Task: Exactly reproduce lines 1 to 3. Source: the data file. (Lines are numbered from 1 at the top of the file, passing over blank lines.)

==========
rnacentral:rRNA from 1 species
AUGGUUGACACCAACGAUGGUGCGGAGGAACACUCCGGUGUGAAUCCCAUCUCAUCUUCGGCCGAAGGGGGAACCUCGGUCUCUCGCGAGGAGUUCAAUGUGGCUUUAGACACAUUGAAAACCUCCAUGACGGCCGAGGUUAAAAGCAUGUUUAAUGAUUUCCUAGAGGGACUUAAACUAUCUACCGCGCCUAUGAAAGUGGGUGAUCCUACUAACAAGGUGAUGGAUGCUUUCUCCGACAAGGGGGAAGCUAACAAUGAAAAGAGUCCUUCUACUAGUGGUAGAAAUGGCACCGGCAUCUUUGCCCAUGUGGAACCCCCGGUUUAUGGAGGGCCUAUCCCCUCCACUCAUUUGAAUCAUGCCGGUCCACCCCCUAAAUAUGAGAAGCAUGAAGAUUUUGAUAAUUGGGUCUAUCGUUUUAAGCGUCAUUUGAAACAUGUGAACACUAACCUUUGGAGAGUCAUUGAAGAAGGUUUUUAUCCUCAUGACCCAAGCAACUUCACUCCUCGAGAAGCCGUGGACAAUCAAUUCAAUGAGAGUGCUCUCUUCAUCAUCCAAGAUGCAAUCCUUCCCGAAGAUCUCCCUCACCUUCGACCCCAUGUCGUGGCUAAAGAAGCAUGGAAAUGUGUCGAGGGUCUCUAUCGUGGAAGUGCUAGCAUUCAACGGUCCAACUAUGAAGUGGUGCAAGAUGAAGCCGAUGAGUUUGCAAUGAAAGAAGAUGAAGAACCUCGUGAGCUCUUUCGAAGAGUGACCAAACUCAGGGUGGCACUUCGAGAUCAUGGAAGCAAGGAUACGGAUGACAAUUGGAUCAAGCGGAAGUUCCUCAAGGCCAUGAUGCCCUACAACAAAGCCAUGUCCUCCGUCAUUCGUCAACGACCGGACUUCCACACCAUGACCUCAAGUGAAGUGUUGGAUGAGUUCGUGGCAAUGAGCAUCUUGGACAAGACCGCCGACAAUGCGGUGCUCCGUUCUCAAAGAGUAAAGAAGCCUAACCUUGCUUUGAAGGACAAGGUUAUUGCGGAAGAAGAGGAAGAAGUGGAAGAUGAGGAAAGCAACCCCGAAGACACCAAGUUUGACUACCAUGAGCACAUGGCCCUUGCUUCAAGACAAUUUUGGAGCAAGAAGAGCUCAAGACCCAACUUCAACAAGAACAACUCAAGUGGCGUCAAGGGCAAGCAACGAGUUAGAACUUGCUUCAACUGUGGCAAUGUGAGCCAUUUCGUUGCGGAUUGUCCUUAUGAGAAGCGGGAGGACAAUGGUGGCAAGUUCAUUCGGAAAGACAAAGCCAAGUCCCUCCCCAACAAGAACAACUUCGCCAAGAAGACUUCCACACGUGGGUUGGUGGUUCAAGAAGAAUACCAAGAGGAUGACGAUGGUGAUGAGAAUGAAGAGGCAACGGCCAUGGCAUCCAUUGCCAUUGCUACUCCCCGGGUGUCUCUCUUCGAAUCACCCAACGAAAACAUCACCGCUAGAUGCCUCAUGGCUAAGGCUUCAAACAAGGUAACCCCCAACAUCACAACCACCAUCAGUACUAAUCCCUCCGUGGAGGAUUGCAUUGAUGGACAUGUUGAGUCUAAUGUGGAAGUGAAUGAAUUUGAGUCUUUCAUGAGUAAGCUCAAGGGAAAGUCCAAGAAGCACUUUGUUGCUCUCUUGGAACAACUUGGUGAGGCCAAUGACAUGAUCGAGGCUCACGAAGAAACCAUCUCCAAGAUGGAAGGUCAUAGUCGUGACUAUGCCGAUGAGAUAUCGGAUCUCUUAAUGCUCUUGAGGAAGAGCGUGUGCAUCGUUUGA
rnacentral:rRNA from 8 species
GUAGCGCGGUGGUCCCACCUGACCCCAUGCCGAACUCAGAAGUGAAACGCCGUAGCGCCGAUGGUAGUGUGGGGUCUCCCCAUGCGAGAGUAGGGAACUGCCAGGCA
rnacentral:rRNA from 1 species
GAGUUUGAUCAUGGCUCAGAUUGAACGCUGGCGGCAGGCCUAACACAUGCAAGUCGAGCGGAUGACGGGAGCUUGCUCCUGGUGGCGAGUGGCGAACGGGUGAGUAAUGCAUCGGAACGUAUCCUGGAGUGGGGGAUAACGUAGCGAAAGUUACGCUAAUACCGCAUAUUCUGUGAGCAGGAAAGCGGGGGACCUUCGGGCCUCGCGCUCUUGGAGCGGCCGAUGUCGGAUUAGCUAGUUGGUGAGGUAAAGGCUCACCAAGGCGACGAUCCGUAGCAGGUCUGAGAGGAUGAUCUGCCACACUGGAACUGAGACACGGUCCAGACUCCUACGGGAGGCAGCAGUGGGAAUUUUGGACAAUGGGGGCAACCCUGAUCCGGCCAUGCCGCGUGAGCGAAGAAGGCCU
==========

rnacentral:rRNA from 1 species
AUGGUUGACACCAACGAUGGUGCGGAGGAACACUCCGGUGUGAAUCCCAUCUCAUCUUCGGCCGAAGGGGGAACCUCGGUCUCUCGCGAGGAGUUCAAUGUGGCUUUAGACACAUUGAAAACCUCCAUGACGGCCGAGGUUAAAAGCAUGUUUAAUGAUUUCCUAGAGGGACUUAAACUAUCUACCGCGCCUAUGAAAGUGGGUGAUCCUACUAACAAGGUGAUGGAUGCUUUCUCCGACAAGGGGGAAGCUAACAAUGAAAAGAGUCCUUCUACUAGUGGUAGAAAUGGCACCGGCAUCUUUGCCCAUGUGGAACCCCCGGUUUAUGGAGGGCCUAUCCCCUCCACUCAUUUGAAUCAUGCCGGUCCACCCCCUAAAUAUGAGAAGCAUGAAGAUUUUGAUAAUUGGGUCUAUCGUUUUAAGCGUCAUUUGAAACAUGUGAACACUAACCUUUGGAGAGUCAUUGAAGAAGGUUUUUAUCCUCAUGACCCAAGCAACUUCACUCCUCGAGAAGCCGUGGACAAUCAAUUCAAUGAGAGUGCUCUCUUCAUCAUCCAAGAUGCAAUCCUUCCCGAAGAUCUCCCUCACCUUCGACCCCAUGUCGUGGCUAAAGAAGCAUGGAAAUGUGUCGAGGGUCUCUAUCGUGGAAGUGCUAGCAUUCAACGGUCCAACUAUGAAGUGGUGCAAGAUGAAGCCGAUGAGUUUGCAAUGAAAGAAGAUGAAGAACCUCGUGAGCUCUUUCGAAGAGUGACCAAACUCAGGGUGGCACUUCGAGAUCAUGGAAGCAAGGAUACGGAUGACAAUUGGAUCAAGCGGAAGUUCCUCAAGGCCAUGAUGCCCUACAACAAAGCCAUGUCCUCCGUCAUUCGUCAACGACCGGACUUCCACACCAUGACCUCAAGUGAAGUGUUGGAUGAGUUCGUGGCAAUGAGCAUCUUGGACAAGACCGCCGACAAUGCGGUGCUCCGUUCUCAAAGAGUAAAGAAGCCUAACCUUGCUUUGAAGGACAAGGUUAUUGCGGAAGAAGAGGAAGAAGUGGAAGAUGAGGAAAGCAACCCCGAAGACACCAAGUUUGACUACCAUGAGCACAUGGCCCUUGCUUCAAGACAAUUUUGGAGCAAGAAGAGCUCAAGACCCAACUUCAACAAGAACAACUCAAGUGGCGUCAAGGGCAAGCAACGAGUUAGAACUUGCUUCAACUGUGGCAAUGUGAGCCAUUUCGUUGCGGAUUGUCCUUAUGAGAAGCGGGAGGACAAUGGUGGCAAGUUCAUUCGGAAAGACAAAGCCAAGUCCCUCCCCAACAAGAACAACUUCGCCAAGAAGACUUCCACACGUGGGUUGGUGGUUCAAGAAGAAUACCAAGAGGAUGACGAUGGUGAUGAGAAUGAAGAGGCAACGGCCAUGGCAUCCAUUGCCAUUGCUACUCCCCGGGUGUCUCUCUUCGAAUCACCCAACGAAAACAUCACCGCUAGAUGCCUCAUGGCUAAGGCUUCAAACAAGGUAACCCCCAACAUCACAACCACCAUCAGUACUAAUCCCUCCGUGGAGGAUUGCAUUGAUGGACAUGUUGAGUCUAAUGUGGAAGUGAAUGAAUUUGAGUCUUUCAUGAGUAAGCUCAAGGGAAAGUCCAAGAAGCACUUUGUUGCUCUCUUGGAACAACUUGGUGAGGCCAAUGACAUGAUCGAGGCUCACGAAGAAACCAUCUCCAAGAUGGAAGGUCAUAGUCGUGACUAUGCCGAUGAGAUAUCGGAUCUCUUAAUGCUCUUGAGGAAGAGCGUGUGCAUCGUUUGA
rnacentral:rRNA from 8 species